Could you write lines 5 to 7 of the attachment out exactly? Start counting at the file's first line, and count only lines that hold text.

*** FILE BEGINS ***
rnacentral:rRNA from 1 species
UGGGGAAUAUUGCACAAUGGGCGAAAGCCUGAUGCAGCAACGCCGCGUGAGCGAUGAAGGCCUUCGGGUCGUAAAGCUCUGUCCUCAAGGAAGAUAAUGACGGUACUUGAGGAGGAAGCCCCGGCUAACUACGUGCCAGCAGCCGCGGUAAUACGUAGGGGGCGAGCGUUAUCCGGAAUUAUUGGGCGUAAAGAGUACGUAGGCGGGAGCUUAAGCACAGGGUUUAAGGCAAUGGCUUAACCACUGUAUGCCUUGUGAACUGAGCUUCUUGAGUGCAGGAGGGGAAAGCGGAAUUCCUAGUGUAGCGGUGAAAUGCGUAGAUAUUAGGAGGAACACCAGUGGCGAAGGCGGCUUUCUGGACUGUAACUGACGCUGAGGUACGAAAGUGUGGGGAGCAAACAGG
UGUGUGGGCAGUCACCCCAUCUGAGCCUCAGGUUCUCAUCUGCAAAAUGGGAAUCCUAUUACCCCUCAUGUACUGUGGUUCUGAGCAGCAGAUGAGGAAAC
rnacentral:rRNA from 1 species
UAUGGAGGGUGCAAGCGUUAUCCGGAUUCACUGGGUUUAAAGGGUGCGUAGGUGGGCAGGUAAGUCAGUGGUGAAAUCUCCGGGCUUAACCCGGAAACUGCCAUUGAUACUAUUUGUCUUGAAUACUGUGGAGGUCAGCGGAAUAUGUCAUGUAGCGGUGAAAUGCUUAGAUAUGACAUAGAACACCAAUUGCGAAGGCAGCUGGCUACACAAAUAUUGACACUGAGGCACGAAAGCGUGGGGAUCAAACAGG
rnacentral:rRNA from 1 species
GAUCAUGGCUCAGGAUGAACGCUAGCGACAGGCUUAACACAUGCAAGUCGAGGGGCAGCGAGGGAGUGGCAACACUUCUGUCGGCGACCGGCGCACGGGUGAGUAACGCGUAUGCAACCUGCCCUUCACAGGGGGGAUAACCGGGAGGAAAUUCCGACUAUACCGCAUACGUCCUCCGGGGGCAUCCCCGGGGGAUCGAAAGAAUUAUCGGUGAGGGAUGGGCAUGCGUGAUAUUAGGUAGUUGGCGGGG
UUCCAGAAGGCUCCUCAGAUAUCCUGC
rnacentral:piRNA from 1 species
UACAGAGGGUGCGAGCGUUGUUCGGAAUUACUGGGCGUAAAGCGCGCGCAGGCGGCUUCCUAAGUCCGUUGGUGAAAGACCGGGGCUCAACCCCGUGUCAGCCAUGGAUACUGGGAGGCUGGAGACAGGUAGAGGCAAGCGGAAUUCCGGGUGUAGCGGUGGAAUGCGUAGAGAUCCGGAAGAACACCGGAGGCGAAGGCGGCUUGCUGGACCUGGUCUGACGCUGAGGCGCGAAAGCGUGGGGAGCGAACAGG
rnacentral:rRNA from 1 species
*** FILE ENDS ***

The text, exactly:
UAUGGAGGGUGCAAGCGUUAUCCGGAUUCACUGGGUUUAAAGGGUGCGUAGGUGGGCAGGUAAGUCAGUGGUGAAAUCUCCGGGCUUAACCCGGAAACUGCCAUUGAUACUAUUUGUCUUGAAUACUGUGGAGGUCAGCGGAAUAUGUCAUGUAGCGGUGAAAUGCUUAGAUAUGACAUAGAACACCAAUUGCGAAGGCAGCUGGCUACACAAAUAUUGACACUGAGGCACGAAAGCGUGGGGAUCAAACAGG
rnacentral:rRNA from 1 species
GAUCAUGGCUCAGGAUGAACGCUAGCGACAGGCUUAACACAUGCAAGUCGAGGGGCAGCGAGGGAGUGGCAACACUUCUGUCGGCGACCGGCGCACGGGUGAGUAACGCGUAUGCAACCUGCCCUUCACAGGGGGGAUAACCGGGAGGAAAUUCCGACUAUACCGCAUACGUCCUCCGGGGGCAUCCCCGGGGGAUCGAAAGAAUUAUCGGUGAGGGAUGGGCAUGCGUGAUAUUAGGUAGUUGGCGGGG